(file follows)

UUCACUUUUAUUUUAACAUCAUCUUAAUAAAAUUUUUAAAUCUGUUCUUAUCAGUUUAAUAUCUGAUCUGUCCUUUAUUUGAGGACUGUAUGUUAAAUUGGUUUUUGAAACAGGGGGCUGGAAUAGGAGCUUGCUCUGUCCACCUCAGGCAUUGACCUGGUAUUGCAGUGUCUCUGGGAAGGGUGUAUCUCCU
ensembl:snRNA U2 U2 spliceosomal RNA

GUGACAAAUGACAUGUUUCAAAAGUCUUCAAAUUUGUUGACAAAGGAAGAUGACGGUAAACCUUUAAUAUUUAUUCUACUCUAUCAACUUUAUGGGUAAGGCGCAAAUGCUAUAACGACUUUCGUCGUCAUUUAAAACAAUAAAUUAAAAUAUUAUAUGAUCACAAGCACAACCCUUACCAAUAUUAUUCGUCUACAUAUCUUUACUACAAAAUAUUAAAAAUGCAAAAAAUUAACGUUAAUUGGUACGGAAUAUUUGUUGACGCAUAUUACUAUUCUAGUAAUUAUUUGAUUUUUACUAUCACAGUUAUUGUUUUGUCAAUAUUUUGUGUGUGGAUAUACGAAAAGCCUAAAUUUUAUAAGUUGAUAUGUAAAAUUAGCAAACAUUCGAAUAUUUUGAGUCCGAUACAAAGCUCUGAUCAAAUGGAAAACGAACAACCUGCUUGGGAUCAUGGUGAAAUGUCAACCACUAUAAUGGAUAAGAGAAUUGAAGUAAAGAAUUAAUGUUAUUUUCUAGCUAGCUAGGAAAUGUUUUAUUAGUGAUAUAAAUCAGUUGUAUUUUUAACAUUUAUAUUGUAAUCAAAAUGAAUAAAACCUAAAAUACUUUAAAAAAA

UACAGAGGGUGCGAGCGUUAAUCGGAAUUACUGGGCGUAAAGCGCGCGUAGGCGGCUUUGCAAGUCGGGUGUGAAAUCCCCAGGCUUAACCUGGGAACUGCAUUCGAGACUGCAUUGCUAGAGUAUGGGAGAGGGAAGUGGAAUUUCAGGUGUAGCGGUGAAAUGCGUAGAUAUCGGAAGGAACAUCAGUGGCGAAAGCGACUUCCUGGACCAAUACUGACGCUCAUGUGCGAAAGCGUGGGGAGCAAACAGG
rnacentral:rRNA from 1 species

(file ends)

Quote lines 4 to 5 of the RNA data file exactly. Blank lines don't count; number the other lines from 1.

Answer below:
UACAGAGGGUGCGAGCGUUAAUCGGAAUUACUGGGCGUAAAGCGCGCGUAGGCGGCUUUGCAAGUCGGGUGUGAAAUCCCCAGGCUUAACCUGGGAACUGCAUUCGAGACUGCAUUGCUAGAGUAUGGGAGAGGGAAGUGGAAUUUCAGGUGUAGCGGUGAAAUGCGUAGAUAUCGGAAGGAACAUCAGUGGCGAAAGCGACUUCCUGGACCAAUACUGACGCUCAUGUGCGAAAGCGUGGGGAGCAAACAGG
rnacentral:rRNA from 1 species